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KAYTEE TIMOTHY HAY KILLED MY RABBIT
Please. If you love your rabbit, guinea pig, or other small, furry creature stay away from Kaytee.
Kaytee-brand timothy hay caused my rabbit’s premature death.
Before you read any further, please know that these are not the rantings of a crazy lady looking for someone to blame—I take full responsibility for my part in her death; I continuously bought a product I knew might be dangerous because the ‘price was right’—these are the heartfelt words of a mourning pet owner who loved her bunny and is looking for a way to give her justice, as well as prevent future deaths. What happened to my rabbit happened nearly a year ago, but the nagging feeling that something just wasn’t right about it has never gone away.
Though I can’t prove it, I am certain that the 96 oz Kaytee hay it is what caused my rabbit’s blockage, bloat and subsequent death. When I first started buying the hay, three years ago, I didn’t have any problems. My rabbit loved it and it did her a world of good (prior to being my rabbit she had been a stray who survived a full winter on grass and sticks). The hay helped her regain her health.
But a year and half (approx.) after I began buying it, the quality of the hay—Kaytee claims it’s ‘premium’ quality—began to change. I didn’t notice it at first, but over time the hay became more straw-like. It grew harder, sharper, paler (yellower too), and was full of hay dust that would get into my rabbit’s eyes and nose. I didn’t think much of all of this at first (the changes came slowly and my rabbit’s eating habits didn’t change, plus—as a first-time rabbit owner—I was foolish enough to trust in the brand’s reputation), but then I began finding orange pieces of string used to tie the bales of hay mixed in with the Kaytee hay, along with pieces of vegetation that were not timothy hay. The first time I saw a string it was in her cage. My rabbit was happily eating around it; she didn’t think it was food and was purposely not ingesting it. Even so, after that I was VERY careful to sift through the hay before giving it to her to check for strings and questionable greenery.
Fast forward to a month or so before her death. The large bags of Kaytee were out of stock so I switched to a ‘more money for less hay’ bag of Oxbow timothy hay (PLEASE BUY IT INSTEAD. IT IS WORTH IT.). My rabbit LOVED it. She devoured it; she ate twice as much of the Oxbow as she normally did the Kaytee, but at the time I didn’t think much of it (Think, for example: ‘Hey, maybe she likes it so much more because it has NUTRIENTS that she’s been missing!’). But then, just as that bag of Oxbow hay was finishing up Kaytee came back into stock with 96 oz bags on sale. Since my rabbit hadn’t had any (significant) problems with the Kaytee hay I went back to it. I bought two. She was half-way through the first one when everything started to go wrong.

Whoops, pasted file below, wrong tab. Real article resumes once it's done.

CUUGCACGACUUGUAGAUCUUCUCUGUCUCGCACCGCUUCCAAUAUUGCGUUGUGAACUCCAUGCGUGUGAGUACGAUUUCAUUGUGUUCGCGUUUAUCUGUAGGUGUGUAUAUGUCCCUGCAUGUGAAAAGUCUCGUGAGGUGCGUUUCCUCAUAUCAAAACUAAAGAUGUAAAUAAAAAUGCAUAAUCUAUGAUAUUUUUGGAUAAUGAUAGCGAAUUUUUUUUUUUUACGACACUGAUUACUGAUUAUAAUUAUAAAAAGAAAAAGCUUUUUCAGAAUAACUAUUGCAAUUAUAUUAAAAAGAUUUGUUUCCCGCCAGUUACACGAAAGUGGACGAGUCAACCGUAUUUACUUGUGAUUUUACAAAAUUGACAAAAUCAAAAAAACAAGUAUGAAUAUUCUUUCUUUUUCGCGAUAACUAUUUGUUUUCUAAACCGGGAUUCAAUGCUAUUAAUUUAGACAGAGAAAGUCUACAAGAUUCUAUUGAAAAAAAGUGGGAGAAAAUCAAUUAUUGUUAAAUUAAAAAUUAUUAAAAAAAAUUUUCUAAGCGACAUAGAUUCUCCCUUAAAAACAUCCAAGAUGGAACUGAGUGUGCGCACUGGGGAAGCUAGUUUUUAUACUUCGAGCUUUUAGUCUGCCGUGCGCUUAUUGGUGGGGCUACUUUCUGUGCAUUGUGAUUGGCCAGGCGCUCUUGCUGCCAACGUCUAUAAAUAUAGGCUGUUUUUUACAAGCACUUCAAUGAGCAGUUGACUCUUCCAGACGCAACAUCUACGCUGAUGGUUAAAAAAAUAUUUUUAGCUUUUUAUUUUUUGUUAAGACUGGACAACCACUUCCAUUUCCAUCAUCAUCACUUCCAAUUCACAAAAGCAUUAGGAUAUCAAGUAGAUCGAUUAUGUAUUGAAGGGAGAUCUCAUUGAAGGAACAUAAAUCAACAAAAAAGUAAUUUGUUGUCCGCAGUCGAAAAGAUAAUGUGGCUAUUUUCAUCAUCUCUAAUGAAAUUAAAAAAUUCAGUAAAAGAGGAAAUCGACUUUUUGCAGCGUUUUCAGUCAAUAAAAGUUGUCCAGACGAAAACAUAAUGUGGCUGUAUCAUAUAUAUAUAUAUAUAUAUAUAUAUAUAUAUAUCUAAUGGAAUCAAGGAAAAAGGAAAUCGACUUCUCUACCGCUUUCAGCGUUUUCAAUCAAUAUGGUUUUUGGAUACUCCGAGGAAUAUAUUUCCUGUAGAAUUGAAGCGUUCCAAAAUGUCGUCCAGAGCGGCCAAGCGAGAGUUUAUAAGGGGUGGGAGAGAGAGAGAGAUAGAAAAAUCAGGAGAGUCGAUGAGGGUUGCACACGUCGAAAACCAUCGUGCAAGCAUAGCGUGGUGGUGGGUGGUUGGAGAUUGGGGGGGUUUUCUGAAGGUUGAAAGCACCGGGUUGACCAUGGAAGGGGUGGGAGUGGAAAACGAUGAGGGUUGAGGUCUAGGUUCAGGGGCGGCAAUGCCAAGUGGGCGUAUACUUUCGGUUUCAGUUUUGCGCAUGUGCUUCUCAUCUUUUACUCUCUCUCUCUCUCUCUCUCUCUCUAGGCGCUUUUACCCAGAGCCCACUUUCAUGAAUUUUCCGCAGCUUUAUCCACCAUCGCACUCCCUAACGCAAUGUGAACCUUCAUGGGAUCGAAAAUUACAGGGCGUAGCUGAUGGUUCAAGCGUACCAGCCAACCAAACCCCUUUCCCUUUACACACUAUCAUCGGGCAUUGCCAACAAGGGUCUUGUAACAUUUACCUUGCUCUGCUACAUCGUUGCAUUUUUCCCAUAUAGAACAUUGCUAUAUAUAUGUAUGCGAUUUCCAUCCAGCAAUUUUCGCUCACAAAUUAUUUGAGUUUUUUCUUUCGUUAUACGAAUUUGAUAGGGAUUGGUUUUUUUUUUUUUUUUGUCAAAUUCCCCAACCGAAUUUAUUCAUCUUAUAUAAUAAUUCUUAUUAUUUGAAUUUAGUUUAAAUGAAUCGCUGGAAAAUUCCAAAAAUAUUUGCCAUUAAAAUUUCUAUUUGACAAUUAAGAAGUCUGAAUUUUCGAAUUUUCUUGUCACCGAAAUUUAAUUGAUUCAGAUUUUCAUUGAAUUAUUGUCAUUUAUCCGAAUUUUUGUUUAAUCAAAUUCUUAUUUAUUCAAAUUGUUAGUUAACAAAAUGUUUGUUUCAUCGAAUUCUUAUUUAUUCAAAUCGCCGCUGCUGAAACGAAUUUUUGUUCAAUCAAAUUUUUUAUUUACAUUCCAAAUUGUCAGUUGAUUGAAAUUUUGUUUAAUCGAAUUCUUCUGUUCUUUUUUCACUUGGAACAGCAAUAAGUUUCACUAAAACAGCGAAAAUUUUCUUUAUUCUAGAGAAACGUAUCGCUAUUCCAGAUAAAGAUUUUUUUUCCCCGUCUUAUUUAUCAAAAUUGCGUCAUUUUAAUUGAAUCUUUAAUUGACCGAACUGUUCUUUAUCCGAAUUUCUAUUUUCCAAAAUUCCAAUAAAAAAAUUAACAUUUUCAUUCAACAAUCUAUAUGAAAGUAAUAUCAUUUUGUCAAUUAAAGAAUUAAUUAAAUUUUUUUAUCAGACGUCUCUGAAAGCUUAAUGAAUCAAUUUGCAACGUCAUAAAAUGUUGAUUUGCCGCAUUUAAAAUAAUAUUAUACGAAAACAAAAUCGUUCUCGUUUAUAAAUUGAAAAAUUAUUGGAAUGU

A few weeks later she was in the vet’s office with GI Stasis. Since she had had the condition in the past (when I first brought her out of the ‘wild’ I didn’t know much and let her eat too many pellets) I took her in immediately, at the first signs. After I got her what she needed I took her home, treated her with TLC and Critical Care and in a few days she was well on her way to being in good health again (FYI: GI Stasis is largely preventable and can be cured almost every, single time if it’s caught early enough). My rabbit was happy, playful and back to eating her hay.
So, why then did she become blocked AGAIN, two days later? She was eating Critical Care (packed with nutrients), vegetables (all rabbit-safe) and was getting plenty of exercise. The only variable was Kaytee. And, I can guarantee you that from the time I switched back from Oxbow to Kaytee not one string or weird leaf had entered my rabbit’s body. (I had been relentlessly meticulous ever since finding that first string.)
That leaves the quality of the hay itself. Like I said before, it had been getting drier, sharper, etc over the course of about a year and a half. My theory—because, again, I no longer have the ability to get an autopsy done—is that my rabbit’s GI stasis was caused by a combination of malnutrition (lack of proper nutrients in the hay), indigestion (hard hay pieces), and possible organ damage (sharp, undigested pieces tearing the stomach/intestinal lining)—all caused by Kaytee’s timothy hay. I am not a vet, but I am also not an idiot. I know that a young rabbit’s body does not suddenly fail like hers did for no reason.